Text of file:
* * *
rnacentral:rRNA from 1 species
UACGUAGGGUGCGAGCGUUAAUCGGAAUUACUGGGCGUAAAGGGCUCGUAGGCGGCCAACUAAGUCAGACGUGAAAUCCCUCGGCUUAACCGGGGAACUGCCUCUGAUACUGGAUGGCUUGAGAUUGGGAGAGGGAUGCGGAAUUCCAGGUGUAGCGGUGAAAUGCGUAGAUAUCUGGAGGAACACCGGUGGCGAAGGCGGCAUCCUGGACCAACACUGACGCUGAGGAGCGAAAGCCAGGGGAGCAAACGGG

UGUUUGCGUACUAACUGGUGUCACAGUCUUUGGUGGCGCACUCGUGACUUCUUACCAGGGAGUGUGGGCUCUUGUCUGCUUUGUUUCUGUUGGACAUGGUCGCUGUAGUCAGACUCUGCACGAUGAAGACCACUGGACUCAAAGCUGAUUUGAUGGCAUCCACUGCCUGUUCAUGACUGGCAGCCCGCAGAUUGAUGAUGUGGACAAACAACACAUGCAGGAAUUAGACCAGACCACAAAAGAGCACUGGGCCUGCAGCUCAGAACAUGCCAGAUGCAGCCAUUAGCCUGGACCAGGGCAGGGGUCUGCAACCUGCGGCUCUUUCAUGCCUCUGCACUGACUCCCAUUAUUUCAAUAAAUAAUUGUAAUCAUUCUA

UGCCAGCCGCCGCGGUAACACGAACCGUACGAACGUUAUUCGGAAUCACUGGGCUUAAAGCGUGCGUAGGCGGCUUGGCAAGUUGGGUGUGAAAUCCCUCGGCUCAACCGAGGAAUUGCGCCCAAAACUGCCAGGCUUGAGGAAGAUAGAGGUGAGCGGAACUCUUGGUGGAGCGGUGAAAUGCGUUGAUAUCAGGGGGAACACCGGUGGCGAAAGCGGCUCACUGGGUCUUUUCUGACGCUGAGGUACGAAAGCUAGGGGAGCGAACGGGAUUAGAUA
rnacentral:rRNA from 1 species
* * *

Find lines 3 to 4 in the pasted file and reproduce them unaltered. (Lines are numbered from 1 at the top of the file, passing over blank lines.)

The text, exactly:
UGUUUGCGUACUAACUGGUGUCACAGUCUUUGGUGGCGCACUCGUGACUUCUUACCAGGGAGUGUGGGCUCUUGUCUGCUUUGUUUCUGUUGGACAUGGUCGCUGUAGUCAGACUCUGCACGAUGAAGACCACUGGACUCAAAGCUGAUUUGAUGGCAUCCACUGCCUGUUCAUGACUGGCAGCCCGCAGAUUGAUGAUGUGGACAAACAACACAUGCAGGAAUUAGACCAGACCACAAAAGAGCACUGGGCCUGCAGCUCAGAACAUGCCAGAUGCAGCCAUUAGCCUGGACCAGGGCAGGGGUCUGCAACCUGCGGCUCUUUCAUGCCUCUGCACUGACUCCCAUUAUUUCAAUAAAUAAUUGUAAUCAUUCUA

UGCCAGCCGCCGCGGUAACACGAACCGUACGAACGUUAUUCGGAAUCACUGGGCUUAAAGCGUGCGUAGGCGGCUUGGCAAGUUGGGUGUGAAAUCCCUCGGCUCAACCGAGGAAUUGCGCCCAAAACUGCCAGGCUUGAGGAAGAUAGAGGUGAGCGGAACUCUUGGUGGAGCGGUGAAAUGCGUUGAUAUCAGGGGGAACACCGGUGGCGAAAGCGGCUCACUGGGUCUUUUCUGACGCUGAGGUACGAAAGCUAGGGGAGCGAACGGGAUUAGAUA